As the US economy slowly drags itself from the mire of the deepest economic downturn since the 1930s Great Depression, the US Federal Reserve will do all in its power to sustain the recovery to the point where it sees the unemployment rate falling to 6.5 per cent.

That is message from the Federal Open Markets Committee of the Fed as it maintained its quantitative easing program at $US85 billion of bond purchases per month and reiterated its objective of keeping "exceptionally low” or near zero interest rates in place until 2015 or at least until the unemployment rate falls. The Fed is confident inflation will remain low which is an outlook that allows it to turn its policy focus on the jobs market.

This is a further nuanced change in objective for the Fed, with Chairman Ben Bernanke bringing the policy focus ever closer to conditions in the labour market. In the statement issued after the FOMC meeting, Bernanke said, "Consistent with its statutory mandate, the Committee seeks to foster maximum employment and price stability. The Committee remains concerned that, without sufficient policy accommodation, economic growth might not be strong enough to generate sustained improvement in labour market conditions. Furthermore, strains in global financial markets continue to pose significant downside risks to the economic outlook.”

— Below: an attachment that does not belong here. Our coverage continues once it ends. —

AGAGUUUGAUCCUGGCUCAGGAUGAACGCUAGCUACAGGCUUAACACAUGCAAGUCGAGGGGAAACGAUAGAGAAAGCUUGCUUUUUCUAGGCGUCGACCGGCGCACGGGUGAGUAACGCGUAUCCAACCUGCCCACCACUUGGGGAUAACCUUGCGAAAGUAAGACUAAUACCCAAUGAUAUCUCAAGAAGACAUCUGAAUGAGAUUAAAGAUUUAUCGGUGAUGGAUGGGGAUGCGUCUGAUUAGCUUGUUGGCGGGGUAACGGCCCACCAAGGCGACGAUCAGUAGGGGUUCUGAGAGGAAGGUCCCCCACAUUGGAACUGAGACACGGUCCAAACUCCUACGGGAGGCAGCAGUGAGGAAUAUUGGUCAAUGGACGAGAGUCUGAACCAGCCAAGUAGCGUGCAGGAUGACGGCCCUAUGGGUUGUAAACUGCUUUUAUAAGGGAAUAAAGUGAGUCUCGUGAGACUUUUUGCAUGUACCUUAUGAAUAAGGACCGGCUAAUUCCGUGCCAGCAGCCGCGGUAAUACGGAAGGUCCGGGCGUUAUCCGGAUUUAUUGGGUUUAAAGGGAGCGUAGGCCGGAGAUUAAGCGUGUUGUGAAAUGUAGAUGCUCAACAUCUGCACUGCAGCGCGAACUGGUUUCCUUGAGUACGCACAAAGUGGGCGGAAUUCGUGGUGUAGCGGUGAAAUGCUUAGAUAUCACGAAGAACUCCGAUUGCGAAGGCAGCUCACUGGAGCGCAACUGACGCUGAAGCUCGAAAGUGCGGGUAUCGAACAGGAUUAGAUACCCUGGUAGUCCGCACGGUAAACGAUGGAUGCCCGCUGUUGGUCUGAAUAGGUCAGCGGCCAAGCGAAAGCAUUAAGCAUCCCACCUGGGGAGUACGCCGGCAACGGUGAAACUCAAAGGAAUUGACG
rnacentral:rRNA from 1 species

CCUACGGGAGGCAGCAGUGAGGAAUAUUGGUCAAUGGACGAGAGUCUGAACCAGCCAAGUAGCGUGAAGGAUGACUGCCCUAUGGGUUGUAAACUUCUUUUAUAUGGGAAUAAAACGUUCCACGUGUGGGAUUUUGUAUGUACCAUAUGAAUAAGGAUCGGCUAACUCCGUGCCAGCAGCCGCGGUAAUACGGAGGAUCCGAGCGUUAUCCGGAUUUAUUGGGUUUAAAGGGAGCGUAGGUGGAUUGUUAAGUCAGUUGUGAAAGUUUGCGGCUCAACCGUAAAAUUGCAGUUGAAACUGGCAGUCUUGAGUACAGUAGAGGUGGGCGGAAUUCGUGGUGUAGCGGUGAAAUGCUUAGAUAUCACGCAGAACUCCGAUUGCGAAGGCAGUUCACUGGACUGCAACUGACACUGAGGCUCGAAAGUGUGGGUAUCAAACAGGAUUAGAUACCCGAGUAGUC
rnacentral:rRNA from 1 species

To meet these objectives, the Fed reiterated its plan to purchase around $US40 billion of mortgage backed securities per month and it effectively extended its "operation twist” into 2013 by saying that it will buy longer dated bonds at a rate of around $US45 billion a month. Bernanke was at pains to suggest that this did not add to the monetary stimulus, it merely maintained the stimulatory policy setting announced in September.

The Fed’s objective is clear and explicit: "these actions should maintain downward pressure on longer-term interest rates, support mortgage markets, and help to make broader financial conditions more accommodative”.

Monetary policy remains super-stimulatory and it is because the economic and banking crisis in the US of recent years was the most acute threat to the economy since the 1930s Great Depression and the hangover being experienced at the moment reflects that.

It has been more than six years since through the year growth in GDP was above 3 per cent, a sign of the uninspiring economic recovery. At the moment, the output gap as measured by industrial capacity utilisation and the labour market is huge. It is so huge that the US economy could grow by 4 per cent for three straight years and only then just close the output gap and be close to full employment. Don’t get excited, no one thinks 4 per cent GDP growth is on the cards any time soon.

The fact that Bernanke and the Fed have been able to engineer an economic scenario in this current slice of economic history where the peak unemployment rate was 10 per cent and deflation was avoided is remarkable. Bold policy settings have yielded fantastic returns for an economy that in 2008 was on the brink of collapse.